The study, published in the Proceedings of the National Academy of Sciences, reports that green tea extract, and in particular the powerful polyphenol epigallocatechin-3-gallate (EGCG) prevented the formation of potentially dangerous beta-amyloid aggregates and broke down existing aggregate structures in proteins that contained metals - specifically copper, iron and zinc.
The aggregation of these proteins, called metal-associated amyloids, is associated with Alzheimer's disease and other neurodegenerative conditions, explained the research team behind the study.
"A lot of people are very excited about this molecule," said Dr Mi Hee Lim from the University of Michigan, USA - who noted that EGCG and other flavonoids in natural products have long been established as powerful antioxidants.
The majority of science on tea has looked at green tea, with benefits reported for reducing the risk of Alzheimer's and certain cancers, improving cardiovascular and oral health, as well as aiding in weight management.
Green tea contains between 30 and 40% of water-extractable polyphenols, while black tea (green tea that has been oxidized by fermentation) contains between 3 and 10%. Oolong tea is semi-fermented tea and is somewhere between green and black tea. The four primary polyphenols found in fresh tealeaves are epigallocatechin gallate (EGCG), epigallocatechin, epicatechin gallate, and epicatechin.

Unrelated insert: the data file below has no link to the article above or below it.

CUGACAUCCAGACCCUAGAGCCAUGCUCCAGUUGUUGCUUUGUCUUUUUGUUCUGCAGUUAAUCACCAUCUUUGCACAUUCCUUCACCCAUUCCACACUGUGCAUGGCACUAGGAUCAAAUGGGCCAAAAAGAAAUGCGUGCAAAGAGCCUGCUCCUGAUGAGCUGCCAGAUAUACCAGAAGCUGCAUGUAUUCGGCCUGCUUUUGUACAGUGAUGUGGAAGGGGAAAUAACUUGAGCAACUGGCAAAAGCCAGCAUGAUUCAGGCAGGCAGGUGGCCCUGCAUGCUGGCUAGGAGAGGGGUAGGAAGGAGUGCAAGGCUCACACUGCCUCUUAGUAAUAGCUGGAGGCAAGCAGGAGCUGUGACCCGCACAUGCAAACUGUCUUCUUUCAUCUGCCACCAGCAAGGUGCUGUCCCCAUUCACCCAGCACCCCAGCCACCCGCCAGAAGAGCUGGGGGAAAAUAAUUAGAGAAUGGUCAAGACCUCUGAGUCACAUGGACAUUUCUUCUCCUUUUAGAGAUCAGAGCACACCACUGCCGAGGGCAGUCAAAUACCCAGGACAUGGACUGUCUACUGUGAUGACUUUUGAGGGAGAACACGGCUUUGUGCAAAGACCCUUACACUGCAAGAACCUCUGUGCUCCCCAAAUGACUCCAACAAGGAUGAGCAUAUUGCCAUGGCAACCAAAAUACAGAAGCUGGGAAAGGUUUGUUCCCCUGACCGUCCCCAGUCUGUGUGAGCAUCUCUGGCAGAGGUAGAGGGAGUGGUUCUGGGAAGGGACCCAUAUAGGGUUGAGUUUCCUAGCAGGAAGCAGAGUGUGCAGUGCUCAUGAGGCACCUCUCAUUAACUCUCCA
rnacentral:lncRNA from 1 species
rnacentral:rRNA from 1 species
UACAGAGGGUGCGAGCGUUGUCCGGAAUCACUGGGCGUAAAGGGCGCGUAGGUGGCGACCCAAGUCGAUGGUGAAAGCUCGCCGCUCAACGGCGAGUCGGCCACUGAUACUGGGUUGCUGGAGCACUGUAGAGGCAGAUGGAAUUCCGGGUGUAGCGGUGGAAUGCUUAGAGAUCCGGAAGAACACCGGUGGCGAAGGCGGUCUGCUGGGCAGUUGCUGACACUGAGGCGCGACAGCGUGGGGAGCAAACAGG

However, Lim explained that while many researchers are investigating small molecules such as EGCG and their effect on metal-associated amyloid plaques, most of them are looking from a limited perspective.
"We used a multidisciplinary approach," said Lim, who led the new study.
"This is the first example of structure-centric, multidisciplinary investigations by three principal investigators with three different areas of expertise," she explained, noting that the research team behind the work included chemists, biochemists and biophysicists.
"We believe you have to have a lot of approaches working together, because the brain is very complex," she said, explaining that the current PNAS findings are a starting point.
Lim said her team's next step is to try and 'tweak' EGCG and then test its ability to interfere with plaque formation in fruit flies.
"We want to modify them for the brain, specifically to interfere with the plaques associated with Alzheimer's," she said.
Published online ahead of print, doi:10.1073/pnas.1220326110
"Insights into antiamyloidogenic properties of the green tea extract (−)-epigallocatechin-3-gallate toward metal-associated amyloid-β species"
Authors: Suk-Joon Hyung, Alaina S. DeToma, Jeffrey R. Brender, Sanghyun Lee, et al